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Hospital and mental health trust bosses say improvements are being made since being placed in special measures

PUBLISHED: 14:29 17 January 2019 | UPDATED: 15:01 17 January 2019

New chief executive of the Queen Elizabeth Hospital, Caroline Shaw. Photo: QEH

New chief executive of the Queen Elizabeth Hospital, Caroline Shaw. Photo: QEH

QEH

Bosses from the region's mental health trust and the Queen Elizabeth Hospital (QEH) in King's Lynn have said improvements have been made since they were placed in special measures.

Antek Lejk, chief executive of Norfolk and Suffolk NHS Foundation Trust (NSFT). Photo: NSFTAntek Lejk, chief executive of Norfolk and Suffolk NHS Foundation Trust (NSFT). Photo: NSFT

During an inspection at the Norfolk and Suffolk Foundation Trust (NSFT) in September last year, the Care Quality Commission (CQC) found patients needing care were put on a long waiting list, with some in desperate need resorting to self-harm or overdoses during delays.

In the same month, the QEH was rated inadequate by the CQC after it found a breakdown in the relationship between senior leaders and staff and between consultants and midwives.

At a health overview and scrutiny committee meeting at County Hall on Thursday, QEH chief executive Caroline Shaw, who began her role officially on Monday, said changes in leadership has helped to address some of those problems.

Councillor Alex Kemp asked for assurances that cancer patients from the QEH would not be sent to Norwich for treatment, which hospital chairman Professor Steve Barnett said was “a suggestion that came outside of the trust”.

The inquest into the death of Ruth Whitmore at the Queen Elizabeth Hospital, was opened today.  Photo: The Queen Elizabeth HospitalThe inquest into the death of Ruth Whitmore at the Queen Elizabeth Hospital, was opened today. Photo: The Queen Elizabeth Hospital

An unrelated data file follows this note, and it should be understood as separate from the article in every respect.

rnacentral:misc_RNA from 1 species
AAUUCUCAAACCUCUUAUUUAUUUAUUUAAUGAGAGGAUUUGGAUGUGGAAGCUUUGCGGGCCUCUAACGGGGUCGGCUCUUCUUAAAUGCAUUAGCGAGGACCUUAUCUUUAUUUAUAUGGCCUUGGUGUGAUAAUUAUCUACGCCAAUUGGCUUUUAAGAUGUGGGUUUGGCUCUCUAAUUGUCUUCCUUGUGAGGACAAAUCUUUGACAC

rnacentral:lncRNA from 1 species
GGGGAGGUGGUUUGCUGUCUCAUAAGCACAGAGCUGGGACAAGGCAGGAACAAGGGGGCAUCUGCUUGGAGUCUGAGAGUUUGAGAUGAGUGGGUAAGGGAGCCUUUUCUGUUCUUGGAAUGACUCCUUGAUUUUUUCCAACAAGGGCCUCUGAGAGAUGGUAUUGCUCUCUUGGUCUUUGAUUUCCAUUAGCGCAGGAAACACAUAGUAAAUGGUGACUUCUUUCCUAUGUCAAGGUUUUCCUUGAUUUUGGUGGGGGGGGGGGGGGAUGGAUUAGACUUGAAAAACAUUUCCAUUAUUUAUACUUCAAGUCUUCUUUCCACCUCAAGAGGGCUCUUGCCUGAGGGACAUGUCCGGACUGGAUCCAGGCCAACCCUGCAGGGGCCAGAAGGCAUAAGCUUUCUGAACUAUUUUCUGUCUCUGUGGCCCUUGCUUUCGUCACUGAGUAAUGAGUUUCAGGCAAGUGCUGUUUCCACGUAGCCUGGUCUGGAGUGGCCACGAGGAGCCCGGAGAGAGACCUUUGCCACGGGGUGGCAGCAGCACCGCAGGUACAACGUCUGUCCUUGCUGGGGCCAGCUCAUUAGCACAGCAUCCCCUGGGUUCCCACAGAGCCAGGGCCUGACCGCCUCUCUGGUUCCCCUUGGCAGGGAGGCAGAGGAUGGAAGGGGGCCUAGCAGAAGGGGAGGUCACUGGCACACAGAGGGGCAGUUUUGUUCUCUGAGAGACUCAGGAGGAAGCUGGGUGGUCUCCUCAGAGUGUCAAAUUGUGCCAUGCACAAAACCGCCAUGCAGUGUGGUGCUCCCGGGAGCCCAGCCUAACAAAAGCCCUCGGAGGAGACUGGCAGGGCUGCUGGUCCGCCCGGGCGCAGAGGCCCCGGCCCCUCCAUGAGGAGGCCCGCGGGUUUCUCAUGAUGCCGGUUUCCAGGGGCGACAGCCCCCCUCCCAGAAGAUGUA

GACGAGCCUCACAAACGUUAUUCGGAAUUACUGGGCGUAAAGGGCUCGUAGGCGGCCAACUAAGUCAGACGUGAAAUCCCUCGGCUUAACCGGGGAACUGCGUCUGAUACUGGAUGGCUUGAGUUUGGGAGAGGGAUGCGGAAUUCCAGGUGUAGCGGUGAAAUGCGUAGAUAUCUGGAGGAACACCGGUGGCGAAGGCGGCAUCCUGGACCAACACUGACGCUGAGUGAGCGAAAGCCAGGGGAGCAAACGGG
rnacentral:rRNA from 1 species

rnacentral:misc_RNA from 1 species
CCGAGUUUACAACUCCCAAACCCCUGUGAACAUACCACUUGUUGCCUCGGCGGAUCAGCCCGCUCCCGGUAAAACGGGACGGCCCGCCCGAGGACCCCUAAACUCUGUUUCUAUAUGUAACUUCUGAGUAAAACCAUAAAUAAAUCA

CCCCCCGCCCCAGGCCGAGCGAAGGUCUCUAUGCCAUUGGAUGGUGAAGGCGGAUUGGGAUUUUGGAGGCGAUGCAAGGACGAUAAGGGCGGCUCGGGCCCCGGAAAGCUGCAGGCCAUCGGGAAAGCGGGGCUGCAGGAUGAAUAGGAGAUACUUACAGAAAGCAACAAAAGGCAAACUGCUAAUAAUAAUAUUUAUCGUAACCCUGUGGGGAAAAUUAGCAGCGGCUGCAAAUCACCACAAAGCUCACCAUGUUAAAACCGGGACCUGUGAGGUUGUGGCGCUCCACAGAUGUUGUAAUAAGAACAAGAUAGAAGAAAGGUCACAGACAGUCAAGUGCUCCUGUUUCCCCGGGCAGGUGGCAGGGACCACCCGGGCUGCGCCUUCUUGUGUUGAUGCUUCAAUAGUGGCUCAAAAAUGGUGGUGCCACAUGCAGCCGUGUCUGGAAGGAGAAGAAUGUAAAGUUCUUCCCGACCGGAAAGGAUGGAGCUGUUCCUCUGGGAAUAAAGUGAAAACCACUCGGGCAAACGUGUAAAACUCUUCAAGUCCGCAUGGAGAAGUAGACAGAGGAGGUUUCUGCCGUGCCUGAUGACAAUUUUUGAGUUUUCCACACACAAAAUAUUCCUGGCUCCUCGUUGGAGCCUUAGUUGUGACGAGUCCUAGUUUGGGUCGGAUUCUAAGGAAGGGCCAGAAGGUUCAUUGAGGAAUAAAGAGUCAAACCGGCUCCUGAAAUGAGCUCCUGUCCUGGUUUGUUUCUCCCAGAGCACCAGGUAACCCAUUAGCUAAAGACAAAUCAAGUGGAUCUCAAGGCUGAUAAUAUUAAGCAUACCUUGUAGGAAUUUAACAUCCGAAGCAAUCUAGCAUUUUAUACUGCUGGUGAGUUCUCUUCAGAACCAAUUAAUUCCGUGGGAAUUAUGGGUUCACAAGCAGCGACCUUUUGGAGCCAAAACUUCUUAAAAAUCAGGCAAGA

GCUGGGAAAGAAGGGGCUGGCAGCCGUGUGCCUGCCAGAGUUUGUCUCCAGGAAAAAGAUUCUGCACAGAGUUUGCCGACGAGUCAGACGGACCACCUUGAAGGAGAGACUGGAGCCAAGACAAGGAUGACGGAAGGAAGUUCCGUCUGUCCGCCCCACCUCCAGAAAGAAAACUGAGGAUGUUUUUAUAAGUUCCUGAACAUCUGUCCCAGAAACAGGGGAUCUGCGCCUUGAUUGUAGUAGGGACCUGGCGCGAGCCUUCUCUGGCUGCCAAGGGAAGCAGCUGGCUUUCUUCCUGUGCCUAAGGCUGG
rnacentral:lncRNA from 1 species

He added: “It was never a proposal that was formulated internally. We came up with our own plan, took that up with the board, got it approved and sent off.”

The NSFT also applauded the trust’s efforts in making improvements since November, stating a reduction in the number of patients being downgraded from urgent to routine - from 25 to three in four weeks - and a 7pc reduction in the number of people waiting for treatment longer than 18 weeks.

Chief executive of the NSFT Antek Lejk said this was achieved through a ‘four-week sprint’ in which a particular area within the trust for four weeks before moving onto another.

The first four week of this new approach was focused on minimising risk for service users, with plans in place for crisis referrals to be seen face-to-face within four weeks.

Committee chairman councillor Michael Chenery of Horsbrugh praised the NSFT in West Norfolk who have eradicated their long waiting list - stating last year there were 200 on the list and this year there were none.

Mr Lejk said: “That local team are very proud they have got through that waiting list through their own efforts by really focusing on keeping people safe.”

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